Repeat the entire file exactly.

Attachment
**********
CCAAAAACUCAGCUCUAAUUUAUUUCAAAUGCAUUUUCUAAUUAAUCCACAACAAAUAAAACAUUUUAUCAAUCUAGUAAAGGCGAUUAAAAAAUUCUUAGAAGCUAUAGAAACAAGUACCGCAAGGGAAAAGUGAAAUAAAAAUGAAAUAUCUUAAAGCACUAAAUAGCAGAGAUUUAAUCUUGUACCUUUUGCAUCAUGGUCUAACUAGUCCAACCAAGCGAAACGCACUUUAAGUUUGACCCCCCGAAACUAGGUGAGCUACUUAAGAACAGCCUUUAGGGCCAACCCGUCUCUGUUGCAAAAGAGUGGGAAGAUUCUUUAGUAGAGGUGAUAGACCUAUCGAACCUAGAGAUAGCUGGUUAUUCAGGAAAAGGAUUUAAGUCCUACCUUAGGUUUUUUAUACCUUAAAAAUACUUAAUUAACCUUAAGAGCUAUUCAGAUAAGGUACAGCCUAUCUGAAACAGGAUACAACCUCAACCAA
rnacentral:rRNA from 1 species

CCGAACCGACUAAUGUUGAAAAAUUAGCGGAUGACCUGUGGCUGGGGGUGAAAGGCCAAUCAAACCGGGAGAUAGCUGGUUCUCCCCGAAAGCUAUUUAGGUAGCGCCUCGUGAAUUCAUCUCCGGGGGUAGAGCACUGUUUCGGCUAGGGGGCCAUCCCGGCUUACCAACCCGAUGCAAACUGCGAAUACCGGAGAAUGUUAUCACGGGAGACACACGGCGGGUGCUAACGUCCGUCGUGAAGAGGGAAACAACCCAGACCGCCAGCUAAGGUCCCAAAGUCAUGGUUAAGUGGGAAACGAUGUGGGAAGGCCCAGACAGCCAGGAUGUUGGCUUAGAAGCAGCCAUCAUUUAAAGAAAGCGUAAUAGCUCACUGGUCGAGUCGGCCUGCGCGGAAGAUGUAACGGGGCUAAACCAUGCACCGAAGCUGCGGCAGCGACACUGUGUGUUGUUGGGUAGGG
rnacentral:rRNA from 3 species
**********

CCAAAAACUCAGCUCUAAUUUAUUUCAAAUGCAUUUUCUAAUUAAUCCACAACAAAUAAAACAUUUUAUCAAUCUAGUAAAGGCGAUUAAAAAAUUCUUAGAAGCUAUAGAAACAAGUACCGCAAGGGAAAAGUGAAAUAAAAAUGAAAUAUCUUAAAGCACUAAAUAGCAGAGAUUUAAUCUUGUACCUUUUGCAUCAUGGUCUAACUAGUCCAACCAAGCGAAACGCACUUUAAGUUUGACCCCCCGAAACUAGGUGAGCUACUUAAGAACAGCCUUUAGGGCCAACCCGUCUCUGUUGCAAAAGAGUGGGAAGAUUCUUUAGUAGAGGUGAUAGACCUAUCGAACCUAGAGAUAGCUGGUUAUUCAGGAAAAGGAUUUAAGUCCUACCUUAGGUUUUUUAUACCUUAAAAAUACUUAAUUAACCUUAAGAGCUAUUCAGAUAAGGUACAGCCUAUCUGAAACAGGAUACAACCUCAACCAA
rnacentral:rRNA from 1 species

CCGAACCGACUAAUGUUGAAAAAUUAGCGGAUGACCUGUGGCUGGGGGUGAAAGGCCAAUCAAACCGGGAGAUAGCUGGUUCUCCCCGAAAGCUAUUUAGGUAGCGCCUCGUGAAUUCAUCUCCGGGGGUAGAGCACUGUUUCGGCUAGGGGGCCAUCCCGGCUUACCAACCCGAUGCAAACUGCGAAUACCGGAGAAUGUUAUCACGGGAGACACACGGCGGGUGCUAACGUCCGUCGUGAAGAGGGAAACAACCCAGACCGCCAGCUAAGGUCCCAAAGUCAUGGUUAAGUGGGAAACGAUGUGGGAAGGCCCAGACAGCCAGGAUGUUGGCUUAGAAGCAGCCAUCAUUUAAAGAAAGCGUAAUAGCUCACUGGUCGAGUCGGCCUGCGCGGAAGAUGUAACGGGGCUAAACCAUGCACCGAAGCUGCGGCAGCGACACUGUGUGUUGUUGGGUAGGG
rnacentral:rRNA from 3 species